Iowa is finding this out.
The first pass thrown to Powell went for 49 yards. He didn't catch another until two games later, when he had two catches for 83 yards and a 29-yard TD against Western Michigan. Then, last week's cannon shot.
"It's taken time to understand what kind of player he is," Iowa quarterback Jake Rudock said. "He's very passionate, obviously he can run. You have to understand that each person is different. That's something I try to understand with all my guys on offense. . . . Getting on the same cue as him, it's always evolving. It has to."
Iowa coach Kirk Ferentz's practiced answer for the "why not more Powell in the offense" question has always been quick to praise Powell for what he has been able to pick up. Remember, he needed to finish classes at Snow through the summer and didn't show up in Iowa City until a few days before camp started on Aug. 4.
"Probably haven't given him enough based on the statistics, but it's a process," Ferentz said. "We all knew he was fast, that's one thing we all feel good about. I think he's gaining confidence with every week and learning. He's doing a good job at practice and that's the most important thing. You start climbing the ladder by what you do during the week."
The speed thing, you saw it last week. Iowa hasn't had a player capable of going 74 yards untouched since maybe the early 2000s. Powell was regularly clocked with a 4.4-second 40-yard dash during his days at Rogers. At Snow, he was timed in 4.34, which would tie him with former defensive back Willie Lowe for the fastest 40 in the Ferentz era.
“The first thing I thought was, ‘Wow, the guy can really run.’ That’s a good thing,” first-year wide receivers coach Bobby Kennedy said upon first viewing Powell’s recruiting video. “You’re not sitting there going, ‘How fast is he?’ If you’re fast, you’re fast. That’s been a nice development on the Iowa football front.”
The big-play ability has been a theme for Powell, who also had an offer from Ohio coming out of Snow, and so has the energy and Q Score with teammates.
"His smile is huge," Rudock said. "If you just say, 'Hey, DP, what's up?' He'll look up with that smile and that's something that stays with you."
You can see Powell's smile on the phone, even when it's his old coach talking about him from Ephraim. You finish introducing yourself to Bayard and say you'd like to learn a little about Damond Powell.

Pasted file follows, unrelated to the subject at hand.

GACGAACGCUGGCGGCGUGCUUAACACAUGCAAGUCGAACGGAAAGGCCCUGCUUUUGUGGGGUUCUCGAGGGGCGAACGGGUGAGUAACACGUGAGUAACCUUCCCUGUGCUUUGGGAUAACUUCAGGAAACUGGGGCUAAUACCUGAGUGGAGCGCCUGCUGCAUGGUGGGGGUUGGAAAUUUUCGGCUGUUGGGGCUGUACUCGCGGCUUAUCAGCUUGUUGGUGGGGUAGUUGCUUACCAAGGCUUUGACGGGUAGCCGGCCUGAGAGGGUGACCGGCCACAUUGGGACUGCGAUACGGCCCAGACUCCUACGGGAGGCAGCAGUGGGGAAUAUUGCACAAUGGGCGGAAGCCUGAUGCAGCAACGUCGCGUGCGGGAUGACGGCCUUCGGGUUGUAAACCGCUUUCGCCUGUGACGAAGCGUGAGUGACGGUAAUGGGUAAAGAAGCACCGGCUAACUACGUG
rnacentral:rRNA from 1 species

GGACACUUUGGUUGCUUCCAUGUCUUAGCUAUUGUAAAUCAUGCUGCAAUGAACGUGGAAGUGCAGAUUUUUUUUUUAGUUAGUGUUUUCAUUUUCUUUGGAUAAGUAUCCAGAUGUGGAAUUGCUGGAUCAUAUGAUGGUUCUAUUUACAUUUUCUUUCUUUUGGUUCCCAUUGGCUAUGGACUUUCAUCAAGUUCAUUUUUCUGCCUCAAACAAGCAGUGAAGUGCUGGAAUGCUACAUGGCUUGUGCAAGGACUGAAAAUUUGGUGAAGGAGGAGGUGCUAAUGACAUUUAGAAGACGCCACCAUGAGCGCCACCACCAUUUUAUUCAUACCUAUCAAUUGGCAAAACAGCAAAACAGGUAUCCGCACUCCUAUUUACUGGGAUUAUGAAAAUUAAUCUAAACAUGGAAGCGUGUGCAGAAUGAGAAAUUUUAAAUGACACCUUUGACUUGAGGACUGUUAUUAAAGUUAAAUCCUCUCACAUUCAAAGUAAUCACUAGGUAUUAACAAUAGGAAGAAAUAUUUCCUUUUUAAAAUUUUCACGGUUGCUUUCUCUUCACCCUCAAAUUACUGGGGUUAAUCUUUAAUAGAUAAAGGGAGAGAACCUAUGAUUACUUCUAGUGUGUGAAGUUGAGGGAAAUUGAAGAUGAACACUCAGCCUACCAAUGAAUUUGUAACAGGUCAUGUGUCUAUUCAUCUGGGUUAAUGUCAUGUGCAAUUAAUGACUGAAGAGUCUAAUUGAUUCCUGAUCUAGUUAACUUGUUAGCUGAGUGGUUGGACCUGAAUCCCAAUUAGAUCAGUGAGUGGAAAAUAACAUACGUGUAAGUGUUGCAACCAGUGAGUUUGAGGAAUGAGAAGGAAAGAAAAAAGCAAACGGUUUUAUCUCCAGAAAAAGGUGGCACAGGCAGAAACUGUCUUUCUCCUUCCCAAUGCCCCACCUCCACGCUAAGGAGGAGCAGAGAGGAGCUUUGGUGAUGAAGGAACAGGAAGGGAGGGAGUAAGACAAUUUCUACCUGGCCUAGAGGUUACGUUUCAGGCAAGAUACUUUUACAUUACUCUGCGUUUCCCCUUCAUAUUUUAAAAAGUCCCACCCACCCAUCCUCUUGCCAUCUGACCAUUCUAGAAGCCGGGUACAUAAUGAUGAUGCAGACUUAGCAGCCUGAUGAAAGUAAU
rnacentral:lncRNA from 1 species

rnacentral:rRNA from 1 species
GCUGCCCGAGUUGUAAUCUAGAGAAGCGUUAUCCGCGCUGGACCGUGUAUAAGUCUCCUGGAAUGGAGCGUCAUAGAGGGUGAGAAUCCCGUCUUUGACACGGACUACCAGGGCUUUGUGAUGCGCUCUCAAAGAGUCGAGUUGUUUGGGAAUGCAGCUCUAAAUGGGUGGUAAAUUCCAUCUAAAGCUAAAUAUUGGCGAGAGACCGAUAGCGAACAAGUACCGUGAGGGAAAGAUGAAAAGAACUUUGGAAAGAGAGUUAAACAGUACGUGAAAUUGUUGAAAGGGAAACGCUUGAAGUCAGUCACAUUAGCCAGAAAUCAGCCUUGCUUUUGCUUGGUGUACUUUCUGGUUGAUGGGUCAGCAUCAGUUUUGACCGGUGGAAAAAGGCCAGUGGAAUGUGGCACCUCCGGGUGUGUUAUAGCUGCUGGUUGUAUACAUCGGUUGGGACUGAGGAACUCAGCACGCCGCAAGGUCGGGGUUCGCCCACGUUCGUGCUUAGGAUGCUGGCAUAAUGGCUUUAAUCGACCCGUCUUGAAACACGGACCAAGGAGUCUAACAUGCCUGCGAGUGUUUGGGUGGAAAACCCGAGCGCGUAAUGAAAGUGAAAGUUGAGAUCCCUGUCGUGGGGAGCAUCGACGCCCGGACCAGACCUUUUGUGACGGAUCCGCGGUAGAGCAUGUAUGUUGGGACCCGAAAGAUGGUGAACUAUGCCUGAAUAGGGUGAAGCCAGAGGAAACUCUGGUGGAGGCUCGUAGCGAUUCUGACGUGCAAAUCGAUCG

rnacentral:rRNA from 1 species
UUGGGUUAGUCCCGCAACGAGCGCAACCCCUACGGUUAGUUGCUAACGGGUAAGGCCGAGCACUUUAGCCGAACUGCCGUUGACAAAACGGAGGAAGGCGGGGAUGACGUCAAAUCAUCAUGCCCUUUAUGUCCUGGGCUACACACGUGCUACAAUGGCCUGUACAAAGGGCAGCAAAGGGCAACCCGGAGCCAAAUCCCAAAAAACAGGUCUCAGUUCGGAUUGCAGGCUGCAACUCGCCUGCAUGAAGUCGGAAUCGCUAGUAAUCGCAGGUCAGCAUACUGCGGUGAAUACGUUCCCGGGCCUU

"Absolutely, he's my favorite," Bayard said, seconds into the conversation. "I still text him and talk to him quite a bit. He's one of the greatest young men I've ever known. His enthusiasm and joy, just in life and in general, are what will get him where he needs to go.
"A lot of junior college kids can give up. They've never been taught how to go to class. He wants to do it. He knows he needs to do it. He's learning and teaching himself how to do these things that he's never learned, study habits and expanding his mind and getting into those things. He wants to do it."
After Powell committed to Iowa, a couple of schools came sniffing around Ephraim.
"I told them if you even want to talk to him, don't just bring up plays and football," Bayard said. "Bring up how you're going to take care of him. And then, they brought up how many catches he was going to have and all that. He said, 'That's not what I'm all about.' That's why he picked Iowa. They said they wanted to take care of him as a person and football player."
So, this summer in Ephraim. Powell needed to finish his class work at Snow. His biological football clock ticked away in Iowa City. The team was poised to report. Powell had a lab class.
"What Ephraim is for our players in the summer is us coaches and school," Bayard said. "There aren't as many distractions and I was constantly on his [behind] to make sure he was in class and all of those things. I would meet with his teachers. He turned in his assignments and showed up everyday."There was nothing else to do here."